Safe Sleep For Your Baby
Safe Sleep For Your Baby
Every year, too many New Zealand babies die suddenly during sleep. Find out about the best ways to reduce the risk. Make every sleep a safe sleep for your baby.
Key points to remember about safe sleep for your baby
- P - place baby in their own baby bed in the same room as you
- E - eliminate smoking in pregnancy and protect baby with a smoke-free family or whānau, whare (home) and waka (car)
- P - position baby flat on their back to sleep - face clear of bedding
- E - encourage and support exclusive breastfeeding and gentle handling of baby
P - place baby in their own baby bed in the same room as you
Give your baby their own bed (such as a cot, bassinet, wahakura or Pēpi-Pod®).
Place your baby in their own bed for every sleep, including when visiting friends and whānau.
Have your baby's bed in the same room as you for at least the first 6 months.
Have a firm, flat mattress that fits your baby's bed well and has no gaps between the frame and the mattress.
Have nothing in the bed that might cover your baby's face - no pillows, toys, loose blankets or bumper pads.
If you choose to sleep in bed with your baby, put them in their own baby bed beside you - for example, a Pēpi-pod® or wahakura. This will help reduce the risk of your baby suffocating while they are asleep.
If you'd like find out more about a Pēpi-pod® or wahakura, ask your midwife.
It is never safe to put your baby to sleep in an adult bed, on a couch or on a chair.
The person looking after your baby needs to be sober and drug-free.
E - eliminate smoking in pregnancy and protect baby with a smoke-free family or whānau, whare (home) and waka (car)
Make sure you protect your baby with a smoke-free family or whānau, whare (home) and waka (car). If you want to give up smoking:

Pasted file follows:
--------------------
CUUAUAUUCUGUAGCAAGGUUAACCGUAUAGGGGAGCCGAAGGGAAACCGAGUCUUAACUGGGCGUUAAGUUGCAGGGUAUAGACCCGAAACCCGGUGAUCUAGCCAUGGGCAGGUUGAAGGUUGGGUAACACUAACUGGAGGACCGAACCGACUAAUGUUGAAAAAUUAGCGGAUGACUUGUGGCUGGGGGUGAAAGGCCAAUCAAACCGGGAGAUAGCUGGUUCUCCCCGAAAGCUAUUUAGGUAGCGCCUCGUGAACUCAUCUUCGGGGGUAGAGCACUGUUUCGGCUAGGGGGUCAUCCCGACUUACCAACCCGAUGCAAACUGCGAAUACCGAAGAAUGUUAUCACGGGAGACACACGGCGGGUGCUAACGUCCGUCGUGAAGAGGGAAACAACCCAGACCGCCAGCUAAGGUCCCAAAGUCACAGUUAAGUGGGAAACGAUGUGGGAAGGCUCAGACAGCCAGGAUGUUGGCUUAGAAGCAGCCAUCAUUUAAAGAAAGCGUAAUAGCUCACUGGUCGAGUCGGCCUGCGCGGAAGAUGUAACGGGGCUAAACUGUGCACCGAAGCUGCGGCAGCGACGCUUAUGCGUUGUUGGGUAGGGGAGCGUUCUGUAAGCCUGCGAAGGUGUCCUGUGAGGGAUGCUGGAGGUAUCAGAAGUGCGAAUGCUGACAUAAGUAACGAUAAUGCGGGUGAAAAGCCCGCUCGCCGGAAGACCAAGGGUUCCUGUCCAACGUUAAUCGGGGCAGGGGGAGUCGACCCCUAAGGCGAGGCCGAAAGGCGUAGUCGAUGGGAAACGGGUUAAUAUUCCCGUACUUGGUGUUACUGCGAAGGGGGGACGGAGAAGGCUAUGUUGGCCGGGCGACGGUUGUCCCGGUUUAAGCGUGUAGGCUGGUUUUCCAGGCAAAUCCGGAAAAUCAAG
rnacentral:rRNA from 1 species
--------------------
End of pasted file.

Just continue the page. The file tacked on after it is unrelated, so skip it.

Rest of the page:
- call the free Quitline on 0800 778 778 or text 4006
- check out the Quitline/Me Mutu website
- ask your midwife or family doctor about support services near you
P - position baby flat on their back to sleep - face clear of bedding
Make sure your baby always sleeps on their back with their face clear of bedding.
When your baby sleeps on their back, they are better able to keep their airway clear and open.
E - encourage and support exclusive breastfeeding and gentle handling of baby
Your breast milk makes a big difference to your baby's health.
Breast milk helps protect your baby from some illnesses, as a baby and later in their life.
Ask your midwife if you'd like some more support with your breastfeeding.
How can I make every sleep a safe sleep when I'm out and about with my baby?
Car seats or capsules protect your baby when travelling in the car. Don't use them as a cot or bassinet. Car seats and capsules are not safe for your baby to sleep in when you are at home or at your destination.
If you are out somewhere, make sure your baby has a safe place to sleep. Take your wahakura, Pēpi-pod®, portacot or bassinet with you, and use it on a flat surface.
What if I need financial help to get my baby their own bed?
If you need financial help so that baby can have their own bed, you may be able to get some help from Work and Income. For more information visit the Work and Income website or call 0800 559 009.
How can I protect my baby's head shape?
Check our page Positional head flattening in babies.
When your baby is sleeping, turn their head so that sometimes they face left and sometimes they face right.
Tummy time, while your baby is awake, will help protect their head shape and make their arms strong.
- back for sleep
- front for play
- upright for cuddles and hugs
For more information, see Positional head flattening in babies.
Safe sleep card
This page last reviewed 27 May 2019.
Do you have any feedback for KidsHealth?
If you have any feedback about the KidsHealth website, or have a suggestion for new content, please get in touch with us.Email us now
On this page